Members of the PSNI police who shot and killed a motorist in County Down last weekend are still armed and on duty, it has emerged.
The Policing Board is to question the chief constable over the shooting of Steven Colwell in Co Down last weekend.
Steven Colwell, a 23-year was shot dead by a police officer at a checkpoint in Ballynahinch on Sunday April 16.
The Chairman of the Policing Board, Professor Sir Desmond Rea, offered his condolences to the family of the dead man. He said an investigation would be carried out by the Police Ombudsman.
“There has been comment in the media as to whether or not the officer involved in the incident should be suspended. This is a matter for the PSNI to consider in conjunction with the Police Ombudsman as the investigation proceeds.”
Sir Professor Desmond also spoke of what he said was the traumatic effect the incident had on the man’s killers.
“Police officers carry a tremendous burden of responsibility in policing our community as this incident so clearly highlights.”
Mr Colwell was one of six people in the car at the time. It is understood the vehicle was stolen in Ballyhornan, about 15 miles from Ballynahinch, early on Sunday morning.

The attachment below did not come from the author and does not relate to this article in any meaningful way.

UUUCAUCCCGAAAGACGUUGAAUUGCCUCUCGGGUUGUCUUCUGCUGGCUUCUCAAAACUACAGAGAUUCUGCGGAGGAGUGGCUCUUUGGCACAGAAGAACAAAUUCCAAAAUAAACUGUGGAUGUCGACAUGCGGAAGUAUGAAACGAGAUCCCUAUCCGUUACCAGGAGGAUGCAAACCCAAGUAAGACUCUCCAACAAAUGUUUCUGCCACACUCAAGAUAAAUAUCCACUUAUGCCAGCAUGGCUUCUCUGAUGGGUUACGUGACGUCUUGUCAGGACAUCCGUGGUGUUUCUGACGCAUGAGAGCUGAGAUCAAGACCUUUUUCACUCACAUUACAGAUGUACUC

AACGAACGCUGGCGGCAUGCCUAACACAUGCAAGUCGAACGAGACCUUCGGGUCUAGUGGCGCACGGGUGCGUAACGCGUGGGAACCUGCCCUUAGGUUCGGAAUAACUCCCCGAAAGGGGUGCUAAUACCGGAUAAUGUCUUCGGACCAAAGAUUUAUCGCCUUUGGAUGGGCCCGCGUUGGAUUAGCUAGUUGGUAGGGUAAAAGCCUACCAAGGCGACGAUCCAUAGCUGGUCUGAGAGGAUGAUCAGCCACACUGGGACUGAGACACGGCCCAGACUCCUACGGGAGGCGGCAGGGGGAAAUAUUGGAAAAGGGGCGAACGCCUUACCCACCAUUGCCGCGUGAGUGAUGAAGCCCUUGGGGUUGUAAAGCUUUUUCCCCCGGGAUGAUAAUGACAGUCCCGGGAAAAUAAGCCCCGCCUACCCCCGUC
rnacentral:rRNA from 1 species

Although Colwell had been wearing a Celtic jersey and was thought to be republican, it has since emerged that Colwell was a Protestant from the Shankill Road in west Belfast. A relative of former west Belfast unionist paramilitary leader Johnny ‘Mad Dog’ Adair, who knew Mr Colwell, was in the car at the time of the shooting.
Speaking from England, Adair said: “I have been told they had stolen a car and were being chased by police.
“They didn’t know the police had opened up on the car until Steven got out of the car shouting he’d been shot.”
Mr Colwell is the second person to be shot dead in incidents involving the PSNI since the force was established in 2001 from the previous RUC. In April 2003, Neil McConville was shot dead outside Lisburn, County Antrim.
His cousin, Barry McConville, said today the delay in the publication of a Police Ombudsman report on that killing may have cost another life.
The long-delayed Police Ombudsman’s report into the killing is expected to be heavily critical of the PSNI, and will give details of how files on the case were deleted by Special Branch.
“Lessons seem not to have been learnt from the killing of Neil McConville, this much is obvious, for the PSNI still tout their guns like Jessie James, and use them in a similar carefree way,” he said.
“If the Ombudsman’s report had been published and the PSNI tactics were open to public scrutiny, perhaps the PSNI involved in the latest shoot-to-kill incident would have been a little less gung ho in their stopping of the car, and another young person may still be alive today.”